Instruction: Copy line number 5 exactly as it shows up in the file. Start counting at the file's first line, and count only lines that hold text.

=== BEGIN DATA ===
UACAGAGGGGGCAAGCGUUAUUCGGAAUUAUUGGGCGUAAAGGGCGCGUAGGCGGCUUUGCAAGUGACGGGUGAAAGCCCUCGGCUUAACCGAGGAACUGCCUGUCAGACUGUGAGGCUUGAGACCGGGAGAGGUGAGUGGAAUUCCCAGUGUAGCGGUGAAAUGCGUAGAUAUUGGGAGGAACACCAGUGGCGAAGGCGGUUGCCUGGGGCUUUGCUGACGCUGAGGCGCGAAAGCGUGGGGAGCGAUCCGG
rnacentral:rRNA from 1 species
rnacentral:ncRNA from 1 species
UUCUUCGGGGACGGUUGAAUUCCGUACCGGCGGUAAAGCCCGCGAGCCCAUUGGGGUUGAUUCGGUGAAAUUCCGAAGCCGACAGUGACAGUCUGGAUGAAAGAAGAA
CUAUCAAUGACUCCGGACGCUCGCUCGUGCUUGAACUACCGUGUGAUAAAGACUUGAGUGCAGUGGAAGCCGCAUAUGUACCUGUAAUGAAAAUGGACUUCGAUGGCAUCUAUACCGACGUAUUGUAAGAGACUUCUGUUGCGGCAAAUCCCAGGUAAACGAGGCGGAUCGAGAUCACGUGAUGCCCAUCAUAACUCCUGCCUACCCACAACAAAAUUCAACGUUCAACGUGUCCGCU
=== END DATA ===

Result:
CUAUCAAUGACUCCGGACGCUCGCUCGUGCUUGAACUACCGUGUGAUAAAGACUUGAGUGCAGUGGAAGCCGCAUAUGUACCUGUAAUGAAAAUGGACUUCGAUGGCAUCUAUACCGACGUAUUGUAAGAGACUUCUGUUGCGGCAAAUCCCAGGUAAACGAGGCGGAUCGAGAUCACGUGAUGCCCAUCAUAACUCCUGCCUACCCACAACAAAAUUCAACGUUCAACGUGUCCGCU